Combining the band's first two EPs, Screaming Life (Rating: B+) and Fopp (Rating: C+), these songs generally see Soundgarden finding their legs. In particular, the Fopp EP is forgettable, featuring a decent original song ("Kingdom of Come"), a good cover song (Green River's "Swallow My Pride"), and two awful covers of the same song ("Fopp" and "Fopp (dub)") that was originally done by the Ohio Players. Thankfully, the Screaming Life EP (totaling six songs) is much better, starting with the somewhat thin but deliciously dirty sound rendered by producer Steve Fisk (with engineering help from Sub Pop house producer Jack Endino). The songs aren't always there, though, and the performances are hit and miss as well. For example, Chris Cornell, who would become the band's biggest asset, all but ruins "Tears To Forget" and "Little Joe" with his horrible vocals. A shame, really, as the former has a decent punk groove and the latter melodic guitars, though they'd be better off leaving funk metal attempts to the likes of the Red Hot Chili Peppers, Living Colour, and Faith No More. Fortunately, "Entering" and "Hand Of God" suit the band's style much better, and though neither are especially memorable from a songwriting standpoint, both feature extremely powerful playing. Better yet is "Hunted Down," an intense grinder with an air of menace, and "Nothing To Say," the band's first truly classic track on which Cornell unleashes his paint peeling screeches as the guitars swirl around him. The band would get much better, but these songs prove that Soundgarden was plenty good to begin with.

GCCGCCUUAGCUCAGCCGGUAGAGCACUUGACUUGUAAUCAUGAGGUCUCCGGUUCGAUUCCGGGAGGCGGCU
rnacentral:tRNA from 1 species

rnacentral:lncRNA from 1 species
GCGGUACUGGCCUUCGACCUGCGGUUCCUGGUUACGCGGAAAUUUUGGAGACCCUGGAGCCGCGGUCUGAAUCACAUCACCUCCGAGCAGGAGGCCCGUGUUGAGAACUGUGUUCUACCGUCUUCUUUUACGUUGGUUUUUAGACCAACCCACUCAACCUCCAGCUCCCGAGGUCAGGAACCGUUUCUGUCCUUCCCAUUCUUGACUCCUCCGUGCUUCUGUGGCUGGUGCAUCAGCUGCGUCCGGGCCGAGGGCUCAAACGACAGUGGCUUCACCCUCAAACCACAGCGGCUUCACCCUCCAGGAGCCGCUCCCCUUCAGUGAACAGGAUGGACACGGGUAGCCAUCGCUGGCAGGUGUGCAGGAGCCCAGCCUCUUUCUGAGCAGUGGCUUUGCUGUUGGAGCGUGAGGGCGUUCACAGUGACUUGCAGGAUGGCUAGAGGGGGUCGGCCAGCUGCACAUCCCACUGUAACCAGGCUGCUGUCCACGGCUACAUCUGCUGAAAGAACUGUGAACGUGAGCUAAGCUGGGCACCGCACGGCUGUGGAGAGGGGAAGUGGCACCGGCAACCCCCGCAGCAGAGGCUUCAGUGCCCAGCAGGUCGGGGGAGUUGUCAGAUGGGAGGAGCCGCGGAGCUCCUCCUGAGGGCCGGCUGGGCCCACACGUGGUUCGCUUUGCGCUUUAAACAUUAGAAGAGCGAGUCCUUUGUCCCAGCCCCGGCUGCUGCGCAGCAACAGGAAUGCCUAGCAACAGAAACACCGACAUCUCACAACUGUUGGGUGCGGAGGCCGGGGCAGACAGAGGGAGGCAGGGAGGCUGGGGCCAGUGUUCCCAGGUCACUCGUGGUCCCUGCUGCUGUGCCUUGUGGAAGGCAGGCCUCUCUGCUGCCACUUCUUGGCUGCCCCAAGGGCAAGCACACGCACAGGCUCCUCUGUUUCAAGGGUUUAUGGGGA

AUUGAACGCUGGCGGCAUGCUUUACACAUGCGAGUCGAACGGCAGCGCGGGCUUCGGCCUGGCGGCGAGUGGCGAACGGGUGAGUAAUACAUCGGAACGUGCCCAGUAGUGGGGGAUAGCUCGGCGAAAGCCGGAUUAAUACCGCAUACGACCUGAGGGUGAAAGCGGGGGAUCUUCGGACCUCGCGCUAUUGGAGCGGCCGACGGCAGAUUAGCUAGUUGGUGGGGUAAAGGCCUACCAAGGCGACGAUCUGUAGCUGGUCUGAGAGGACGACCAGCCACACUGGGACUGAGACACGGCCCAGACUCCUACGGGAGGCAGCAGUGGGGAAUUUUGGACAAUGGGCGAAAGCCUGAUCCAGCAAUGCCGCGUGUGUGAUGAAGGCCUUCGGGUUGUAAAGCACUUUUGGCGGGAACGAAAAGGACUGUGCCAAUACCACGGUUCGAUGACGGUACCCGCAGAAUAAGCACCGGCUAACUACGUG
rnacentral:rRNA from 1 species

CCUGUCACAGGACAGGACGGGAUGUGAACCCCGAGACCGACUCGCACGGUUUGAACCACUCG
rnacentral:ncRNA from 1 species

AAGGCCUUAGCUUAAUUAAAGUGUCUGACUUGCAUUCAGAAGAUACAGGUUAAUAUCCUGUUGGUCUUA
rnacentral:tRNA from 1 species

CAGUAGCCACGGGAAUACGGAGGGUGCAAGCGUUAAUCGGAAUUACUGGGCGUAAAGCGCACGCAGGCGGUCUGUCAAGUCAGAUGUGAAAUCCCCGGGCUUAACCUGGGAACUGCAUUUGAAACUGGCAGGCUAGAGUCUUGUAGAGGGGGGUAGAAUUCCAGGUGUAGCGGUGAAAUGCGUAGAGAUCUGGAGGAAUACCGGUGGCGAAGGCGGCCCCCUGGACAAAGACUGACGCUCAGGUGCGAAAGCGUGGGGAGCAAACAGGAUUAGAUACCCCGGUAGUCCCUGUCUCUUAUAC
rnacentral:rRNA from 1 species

Ultraomega OK (SST ‘88) Rating: B